RICHMOND, Va. (AP) — Virginia Sen. Jim Webb called for ending government-run diversity programs in a newspaper column Friday, saying they have disadvantaged struggling whites and hurt the cause of racial harmony.
Webb wrote an op-ed column in Friday's Wall Street Journal that said a "plethora of government-enforced diversity policies have marginalized many white workers. The time has come to cease the false arguments and allow every American the benefit of a fair chance at the future."
Webb's press secretary, Jessica Smith, said Friday that the senator felt the column speaks for itself and that he would not comment further.
As an author, Webb expressed misgivings about how affirmative action programs have grown beyond their initial intent in two of his books, "Born Fighting" and "A Time to Fight."
Federal diversity programs now primarily benefit new immigrants over whites and even black Americans, their original beneficiaries, wrote Webb, D-Va.
"In an odd historical twist that all Americans see but few can understand, many programs allow recently arrived immigrants to move ahead of similarly situated whites whose families have been in the country for generations," he wrote.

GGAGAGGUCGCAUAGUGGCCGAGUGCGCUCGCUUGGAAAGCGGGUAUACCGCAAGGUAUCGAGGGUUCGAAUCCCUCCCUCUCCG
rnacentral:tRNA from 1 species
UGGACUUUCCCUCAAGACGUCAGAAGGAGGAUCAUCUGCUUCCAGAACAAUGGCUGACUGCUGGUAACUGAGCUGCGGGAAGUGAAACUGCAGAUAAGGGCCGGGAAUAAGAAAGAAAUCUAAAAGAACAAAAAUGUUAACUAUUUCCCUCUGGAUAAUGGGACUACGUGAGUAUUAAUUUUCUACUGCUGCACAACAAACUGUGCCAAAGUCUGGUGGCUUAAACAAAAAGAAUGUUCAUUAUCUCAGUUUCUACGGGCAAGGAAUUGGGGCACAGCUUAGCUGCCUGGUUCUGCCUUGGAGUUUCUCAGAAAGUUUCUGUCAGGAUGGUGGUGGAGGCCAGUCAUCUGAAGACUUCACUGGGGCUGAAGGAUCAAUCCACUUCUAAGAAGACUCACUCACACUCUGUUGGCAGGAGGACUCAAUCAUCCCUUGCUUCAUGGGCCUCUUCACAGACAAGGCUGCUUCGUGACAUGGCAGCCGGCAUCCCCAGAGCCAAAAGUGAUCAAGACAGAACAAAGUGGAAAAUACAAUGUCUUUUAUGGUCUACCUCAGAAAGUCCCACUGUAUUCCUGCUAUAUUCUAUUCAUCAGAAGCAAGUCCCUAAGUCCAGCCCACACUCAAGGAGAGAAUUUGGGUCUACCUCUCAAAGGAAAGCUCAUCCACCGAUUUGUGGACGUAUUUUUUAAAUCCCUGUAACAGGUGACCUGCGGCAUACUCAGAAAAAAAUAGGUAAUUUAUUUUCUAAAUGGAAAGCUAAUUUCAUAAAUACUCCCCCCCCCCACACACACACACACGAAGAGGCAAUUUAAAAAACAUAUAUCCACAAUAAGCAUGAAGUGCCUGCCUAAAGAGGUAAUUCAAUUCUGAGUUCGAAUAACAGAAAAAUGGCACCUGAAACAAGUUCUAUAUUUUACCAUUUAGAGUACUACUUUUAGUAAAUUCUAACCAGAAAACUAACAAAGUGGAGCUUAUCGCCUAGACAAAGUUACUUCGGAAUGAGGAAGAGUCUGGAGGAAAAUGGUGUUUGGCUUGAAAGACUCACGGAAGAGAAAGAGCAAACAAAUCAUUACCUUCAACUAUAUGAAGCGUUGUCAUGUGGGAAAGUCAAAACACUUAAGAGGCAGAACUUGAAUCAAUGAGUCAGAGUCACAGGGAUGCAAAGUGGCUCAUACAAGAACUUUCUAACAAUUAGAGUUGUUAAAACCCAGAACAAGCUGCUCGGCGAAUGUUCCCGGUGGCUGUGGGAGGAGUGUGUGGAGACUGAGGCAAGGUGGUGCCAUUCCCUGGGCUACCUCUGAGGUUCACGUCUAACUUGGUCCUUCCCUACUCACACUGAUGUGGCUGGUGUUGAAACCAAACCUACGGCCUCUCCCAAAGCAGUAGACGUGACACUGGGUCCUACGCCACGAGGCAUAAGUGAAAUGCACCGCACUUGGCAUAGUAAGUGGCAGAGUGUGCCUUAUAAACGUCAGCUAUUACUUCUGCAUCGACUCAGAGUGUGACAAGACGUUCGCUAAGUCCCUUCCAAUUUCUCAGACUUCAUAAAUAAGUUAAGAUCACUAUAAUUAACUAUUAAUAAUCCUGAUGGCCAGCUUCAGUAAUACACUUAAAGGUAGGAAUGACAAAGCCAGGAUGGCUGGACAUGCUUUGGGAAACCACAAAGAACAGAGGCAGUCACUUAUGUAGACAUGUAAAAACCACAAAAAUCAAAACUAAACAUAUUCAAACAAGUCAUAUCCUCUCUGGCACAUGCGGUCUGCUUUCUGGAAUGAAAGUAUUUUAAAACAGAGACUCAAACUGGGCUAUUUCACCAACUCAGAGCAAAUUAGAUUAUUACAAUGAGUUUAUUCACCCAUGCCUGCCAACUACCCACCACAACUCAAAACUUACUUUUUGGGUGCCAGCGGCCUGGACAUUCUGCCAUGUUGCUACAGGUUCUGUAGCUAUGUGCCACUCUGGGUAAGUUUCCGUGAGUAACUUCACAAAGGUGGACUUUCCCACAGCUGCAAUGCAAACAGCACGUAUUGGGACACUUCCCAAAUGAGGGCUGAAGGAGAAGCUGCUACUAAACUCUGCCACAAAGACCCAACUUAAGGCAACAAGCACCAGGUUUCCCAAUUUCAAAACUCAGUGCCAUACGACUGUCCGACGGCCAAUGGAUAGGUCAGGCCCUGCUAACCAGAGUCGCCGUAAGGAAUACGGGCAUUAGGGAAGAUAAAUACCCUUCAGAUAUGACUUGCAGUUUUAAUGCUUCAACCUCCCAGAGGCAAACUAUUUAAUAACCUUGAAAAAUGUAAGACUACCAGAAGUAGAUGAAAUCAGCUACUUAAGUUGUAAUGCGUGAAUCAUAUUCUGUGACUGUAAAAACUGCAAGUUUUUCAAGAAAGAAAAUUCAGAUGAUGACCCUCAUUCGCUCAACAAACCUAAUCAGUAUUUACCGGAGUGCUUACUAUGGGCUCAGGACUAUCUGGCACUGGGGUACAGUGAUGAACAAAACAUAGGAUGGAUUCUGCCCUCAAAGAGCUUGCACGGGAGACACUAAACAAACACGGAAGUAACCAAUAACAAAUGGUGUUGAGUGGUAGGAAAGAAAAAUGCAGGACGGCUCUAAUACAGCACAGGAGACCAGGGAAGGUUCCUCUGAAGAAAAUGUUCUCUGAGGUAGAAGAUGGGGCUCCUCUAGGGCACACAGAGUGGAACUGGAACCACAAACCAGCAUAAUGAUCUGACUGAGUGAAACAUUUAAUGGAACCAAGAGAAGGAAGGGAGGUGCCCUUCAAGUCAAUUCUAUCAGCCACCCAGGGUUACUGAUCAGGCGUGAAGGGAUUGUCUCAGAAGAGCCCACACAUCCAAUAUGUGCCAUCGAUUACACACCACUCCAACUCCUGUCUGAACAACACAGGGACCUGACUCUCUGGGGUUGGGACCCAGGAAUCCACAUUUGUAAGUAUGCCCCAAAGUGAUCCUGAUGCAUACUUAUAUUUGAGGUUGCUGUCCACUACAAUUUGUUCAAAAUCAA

"The injustices endured by black Americans at the hands of their own government have no parallel in our history, not only during the period of slavery but also in the Jim Crow era that followed," he wrote.
Immigrants from Asia, Latin America and Africa in recent decades knew no such discrimination from the government, he wrote, "and in fact have frequently been the beneficiaries of special government programs. The same cannot be said of many hardworking white Americans, including those whose roots in America go back more than 200 years."
Such programs should end, Webb concluded, except for "our continuing obligation to assist those African-Americans still in need."
The column raises the issue of ethnic and racial sensitivity that helped Webb win his Senate seat in 2006, after Republican Sen. George Allen called a Webb aide of Indian descent "macaca," a slur in some cultures.
Should Webb seek a second term in 2012, he could face a rematch with Allen, who wants his Senate seat back.
Former Gov. L. Douglas Wilder, the nation's first elected black governor who endorsed Webb four years ago, criticized the column and challenged Webb to produce the data he used to conclude that diversity initiatives should end.
"If it's not for the civil rights movement and diversity programs, he would not be a United States senator today," Wilder said, referring to minority support that helped Webb beat Allen by about 9,000 votes.
"Things are tough enough without having people you thought were friends do things like this," Wilder said.
There was no immediate reply to telephone requests for comment from the Democratic Senatorial Campaign Committee or the Democratic National Committee.
Copyright 2010 The Associated Press.
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